The economic viability analysis on the Adopted Climate Change Adaptation Strategies among Maize Farmers in semi-arid of central Tanzania

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Mohamed Said
Augustino Temba


economic viability, Benefit Cost Ratio, maize farmers, climate change, adaptation strategies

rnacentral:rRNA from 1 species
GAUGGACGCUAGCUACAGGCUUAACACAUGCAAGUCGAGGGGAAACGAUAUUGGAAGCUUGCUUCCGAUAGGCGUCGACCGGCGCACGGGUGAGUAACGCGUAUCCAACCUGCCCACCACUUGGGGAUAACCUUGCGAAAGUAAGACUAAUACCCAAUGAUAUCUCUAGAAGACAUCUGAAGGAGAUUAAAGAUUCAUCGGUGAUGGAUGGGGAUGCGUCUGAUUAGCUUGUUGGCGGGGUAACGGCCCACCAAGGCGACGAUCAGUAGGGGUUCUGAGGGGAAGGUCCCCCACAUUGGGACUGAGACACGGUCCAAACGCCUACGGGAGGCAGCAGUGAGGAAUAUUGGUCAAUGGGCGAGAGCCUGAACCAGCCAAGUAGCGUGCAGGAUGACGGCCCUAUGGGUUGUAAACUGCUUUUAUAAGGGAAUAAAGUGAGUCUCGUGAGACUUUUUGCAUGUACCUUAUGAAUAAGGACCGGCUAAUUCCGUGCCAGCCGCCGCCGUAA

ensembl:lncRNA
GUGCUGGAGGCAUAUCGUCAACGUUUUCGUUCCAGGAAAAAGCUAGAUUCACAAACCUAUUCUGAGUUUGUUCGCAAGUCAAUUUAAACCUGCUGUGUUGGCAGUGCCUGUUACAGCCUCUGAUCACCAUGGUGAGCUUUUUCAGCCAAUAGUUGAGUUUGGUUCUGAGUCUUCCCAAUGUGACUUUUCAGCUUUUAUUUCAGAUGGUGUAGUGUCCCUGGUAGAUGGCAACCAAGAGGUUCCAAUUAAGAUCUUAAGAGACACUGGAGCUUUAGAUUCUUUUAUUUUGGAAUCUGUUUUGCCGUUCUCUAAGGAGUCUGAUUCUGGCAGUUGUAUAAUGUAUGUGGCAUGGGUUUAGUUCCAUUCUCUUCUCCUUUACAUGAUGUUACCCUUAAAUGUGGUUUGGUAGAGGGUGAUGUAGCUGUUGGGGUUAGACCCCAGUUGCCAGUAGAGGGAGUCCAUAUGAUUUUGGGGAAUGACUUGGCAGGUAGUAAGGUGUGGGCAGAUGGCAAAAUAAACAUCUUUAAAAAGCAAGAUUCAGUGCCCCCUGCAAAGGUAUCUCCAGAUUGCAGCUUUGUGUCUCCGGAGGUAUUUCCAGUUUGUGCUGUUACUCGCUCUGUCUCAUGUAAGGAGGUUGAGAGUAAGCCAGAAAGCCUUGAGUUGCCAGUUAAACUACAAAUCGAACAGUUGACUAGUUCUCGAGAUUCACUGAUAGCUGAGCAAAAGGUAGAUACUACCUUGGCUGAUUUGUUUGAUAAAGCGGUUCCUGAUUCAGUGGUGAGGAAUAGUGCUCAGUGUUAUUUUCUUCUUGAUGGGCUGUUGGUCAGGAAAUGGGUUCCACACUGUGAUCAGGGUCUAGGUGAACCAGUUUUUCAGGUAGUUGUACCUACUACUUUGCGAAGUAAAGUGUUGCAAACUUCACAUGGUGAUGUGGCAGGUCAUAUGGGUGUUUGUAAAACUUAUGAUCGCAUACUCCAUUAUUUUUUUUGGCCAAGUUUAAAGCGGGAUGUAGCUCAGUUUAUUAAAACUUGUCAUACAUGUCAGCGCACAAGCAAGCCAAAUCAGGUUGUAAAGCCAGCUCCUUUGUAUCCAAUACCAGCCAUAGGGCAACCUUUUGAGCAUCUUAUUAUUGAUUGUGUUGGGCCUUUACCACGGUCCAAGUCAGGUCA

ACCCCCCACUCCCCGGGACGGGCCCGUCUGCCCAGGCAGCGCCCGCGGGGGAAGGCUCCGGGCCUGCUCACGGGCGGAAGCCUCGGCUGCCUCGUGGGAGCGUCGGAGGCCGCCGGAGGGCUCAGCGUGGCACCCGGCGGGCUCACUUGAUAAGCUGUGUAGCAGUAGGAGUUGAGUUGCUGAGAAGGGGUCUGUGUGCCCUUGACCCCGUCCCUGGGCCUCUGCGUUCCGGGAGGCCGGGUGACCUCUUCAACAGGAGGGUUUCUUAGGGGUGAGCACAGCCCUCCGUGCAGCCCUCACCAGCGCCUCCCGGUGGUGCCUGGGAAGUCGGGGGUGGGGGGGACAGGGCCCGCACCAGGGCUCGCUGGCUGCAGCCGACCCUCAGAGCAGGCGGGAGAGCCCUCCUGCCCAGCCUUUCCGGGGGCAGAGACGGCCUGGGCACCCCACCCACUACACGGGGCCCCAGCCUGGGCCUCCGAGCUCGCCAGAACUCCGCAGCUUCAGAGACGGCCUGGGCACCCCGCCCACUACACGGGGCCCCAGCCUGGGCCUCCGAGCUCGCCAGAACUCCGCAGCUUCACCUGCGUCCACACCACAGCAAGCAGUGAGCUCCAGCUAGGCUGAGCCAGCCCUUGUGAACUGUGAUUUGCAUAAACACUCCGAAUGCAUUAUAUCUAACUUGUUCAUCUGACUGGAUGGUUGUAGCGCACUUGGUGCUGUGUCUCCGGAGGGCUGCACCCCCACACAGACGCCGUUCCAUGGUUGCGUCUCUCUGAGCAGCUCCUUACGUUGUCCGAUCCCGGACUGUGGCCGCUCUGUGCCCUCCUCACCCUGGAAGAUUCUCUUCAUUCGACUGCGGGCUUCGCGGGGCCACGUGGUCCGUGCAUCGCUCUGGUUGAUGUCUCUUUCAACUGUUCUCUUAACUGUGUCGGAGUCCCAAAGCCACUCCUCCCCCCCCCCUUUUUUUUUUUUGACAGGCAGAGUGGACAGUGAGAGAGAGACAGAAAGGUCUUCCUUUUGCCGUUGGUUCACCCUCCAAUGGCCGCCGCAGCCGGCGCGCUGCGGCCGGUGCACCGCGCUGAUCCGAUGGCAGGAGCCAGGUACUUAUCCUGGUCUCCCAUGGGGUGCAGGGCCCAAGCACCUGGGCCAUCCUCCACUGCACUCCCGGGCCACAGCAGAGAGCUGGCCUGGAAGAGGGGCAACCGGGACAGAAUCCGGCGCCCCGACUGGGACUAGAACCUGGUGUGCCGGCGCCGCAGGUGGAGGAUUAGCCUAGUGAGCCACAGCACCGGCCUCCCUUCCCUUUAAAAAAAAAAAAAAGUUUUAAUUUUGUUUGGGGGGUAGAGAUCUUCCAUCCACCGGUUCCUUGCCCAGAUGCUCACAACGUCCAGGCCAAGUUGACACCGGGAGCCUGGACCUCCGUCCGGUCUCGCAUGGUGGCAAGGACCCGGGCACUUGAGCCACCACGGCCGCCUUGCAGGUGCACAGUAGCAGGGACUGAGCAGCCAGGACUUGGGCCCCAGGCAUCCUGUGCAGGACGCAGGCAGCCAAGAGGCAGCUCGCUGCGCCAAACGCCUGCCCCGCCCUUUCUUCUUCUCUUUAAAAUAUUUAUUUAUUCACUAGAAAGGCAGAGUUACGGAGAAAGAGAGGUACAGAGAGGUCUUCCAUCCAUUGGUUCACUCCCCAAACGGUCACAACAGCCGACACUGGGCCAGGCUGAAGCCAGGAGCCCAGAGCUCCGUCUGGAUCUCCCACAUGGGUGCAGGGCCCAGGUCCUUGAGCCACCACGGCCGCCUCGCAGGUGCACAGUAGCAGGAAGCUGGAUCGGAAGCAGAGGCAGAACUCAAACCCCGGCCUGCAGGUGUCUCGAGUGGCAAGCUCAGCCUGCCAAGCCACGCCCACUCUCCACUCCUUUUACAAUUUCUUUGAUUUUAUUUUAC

An investigation of the economic viability of climate change adaptation strategies facilitates proper identification of strategies with low risk. However, there has been limited investigation of economic viability of the adopted strategies. This study aimed to examine the benefit-cost ratio of climate change adaptation strategies practiced by farmers of maize in Kongwa District, Dodoma Region. The study used a cross-sectional design to collect data. A total of 206 farmers and nine (9) key informants were involved during processes of collecting primary data. As the study adopted cross-sectional design, a questionnaire survey, key informant interview and focus group discussion were used to collect socioeconomic data, climate change adaptation strategies and cost of adaptation strategies. Qualitative data were analysed by using thematic analysis technique. Quantitative data were analyzed using descriptive statistics and econometric analysis by using benefit cost ratio. The study revealed that majority of farmers adopted several climate change adaptation strategies in order to cope with a myriad of climatic risks during maize cropping season. The most adopted strategies were intercropping (81.6%), improved seeds (63.6%), varying planting date (53.4%), tilling by tractor/power tiller (52.5%). A combination of tractor ploughing, inter-cropping, and varying plant date is the mostly (15%) adopted. All combinations of the adopted strategies were found economically viable as they revealed an average BCR of 2.1. However, the combination of tractor ploughing, intercropping, and improved seed varieties had higher BCR=2.9 when compared to other strategies. This study concludes that farmers should be advised to adopt the adaptation strategies which is economic viable with low risk, however, the strategies should be practical based on socioeconomic level of the farmers and environmental conditions.

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